Multi-phase flow imaging is a challenging topic in industrial process tomography. In this paper, we present a non-invasive imaging technique for the electrically conductive phase of a multi-phase flow problem. Magnetic induction tomography (MIT) is sensitive to the conductivity of the target, and as such has the potential to be used as an imaging technique to visualise the conductive components in a multi-phase flow application. A 16 channel MIT system is used for this study, among which eight excitation coils are supplied with a 15 V peak, 13 MHz sinusoidal signal in sequence from a signal generator, while the remaining eight coils are floated as receivers. The imaging region of this MIT system has an inner and outer diameter of 190 mm and 200 mm respectively. Static fluid distribution patterns are produced using several fluids with different conductivities and placed inside the imaging region to form conductivity phase contrasts. Experimental results show within our hardware and software capability, a conductivity contrast of 0.06 S/m for an inclusion that occupies 8.69% of the imaging region can be imaged. An in-depth experimental evaluation of the system response towards various fluid measurements is shown for the first time, as are results for quasi-static fluid experiments showing that a non-homogenous flow of gas bubbles can be imaged in various conductive backgrounds. In sum, the analyses presented investigate the feasibility and capability of MIT for this application, while also reporting some of the first flow rig tests in this field.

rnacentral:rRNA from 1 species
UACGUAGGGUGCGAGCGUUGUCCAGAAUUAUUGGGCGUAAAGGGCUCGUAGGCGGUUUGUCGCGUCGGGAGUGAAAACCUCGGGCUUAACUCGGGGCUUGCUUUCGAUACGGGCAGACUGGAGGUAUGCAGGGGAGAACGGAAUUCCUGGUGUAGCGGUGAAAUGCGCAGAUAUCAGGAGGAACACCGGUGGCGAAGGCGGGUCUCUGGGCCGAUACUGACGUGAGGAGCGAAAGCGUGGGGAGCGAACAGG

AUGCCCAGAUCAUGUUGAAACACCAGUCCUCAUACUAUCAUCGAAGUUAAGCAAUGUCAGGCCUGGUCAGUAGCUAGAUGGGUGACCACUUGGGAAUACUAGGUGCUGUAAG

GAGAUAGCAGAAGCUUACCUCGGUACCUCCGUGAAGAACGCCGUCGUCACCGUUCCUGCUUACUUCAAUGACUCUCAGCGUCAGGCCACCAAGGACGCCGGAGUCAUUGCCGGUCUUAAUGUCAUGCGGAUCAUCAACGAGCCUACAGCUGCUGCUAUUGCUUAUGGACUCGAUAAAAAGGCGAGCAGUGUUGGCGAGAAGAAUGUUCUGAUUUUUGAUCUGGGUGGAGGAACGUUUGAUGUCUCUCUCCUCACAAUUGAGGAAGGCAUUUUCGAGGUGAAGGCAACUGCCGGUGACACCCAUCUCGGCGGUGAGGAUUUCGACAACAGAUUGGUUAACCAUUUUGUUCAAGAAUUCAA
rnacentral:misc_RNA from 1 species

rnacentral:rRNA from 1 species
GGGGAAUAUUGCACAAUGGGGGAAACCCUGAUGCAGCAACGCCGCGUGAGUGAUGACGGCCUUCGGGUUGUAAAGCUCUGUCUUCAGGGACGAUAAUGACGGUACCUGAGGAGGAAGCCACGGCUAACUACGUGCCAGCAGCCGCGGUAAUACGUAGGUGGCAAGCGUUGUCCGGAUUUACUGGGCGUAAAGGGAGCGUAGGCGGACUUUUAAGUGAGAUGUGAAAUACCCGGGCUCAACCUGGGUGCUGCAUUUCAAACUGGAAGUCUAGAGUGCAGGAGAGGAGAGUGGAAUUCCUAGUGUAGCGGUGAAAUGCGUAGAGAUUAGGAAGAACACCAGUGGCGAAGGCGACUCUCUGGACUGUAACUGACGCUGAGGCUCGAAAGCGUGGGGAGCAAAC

|Number of pages||12|
|Journal||International Journal of Multiphase Flow|
|Early online date||27 Feb 2015|
|Publication status||Published - 1 Jun 2015|
- Two-phase flow imaging
- Magnetic induction tomography
- Experimental evaluation
FingerprintDive into the research topics of 'Experimental Evaluation of Conductive Flow Imaging Using Magnetic Induction Tomography'. Together they form a unique fingerprint.
- Department of Electronic & Electrical Engineering - Professor
- EPSRC Centre for Doctoral Training in Statistical Applied Mathematics (SAMBa)
- Centre for Biosensors, Bioelectronics and Biodevices (C3Bio)
- Centre for Autonomous Robotics (CENTAUR)
- Electronics Materials, Circuits & Systems Research Unit (EMaCS)
Person: Research & Teaching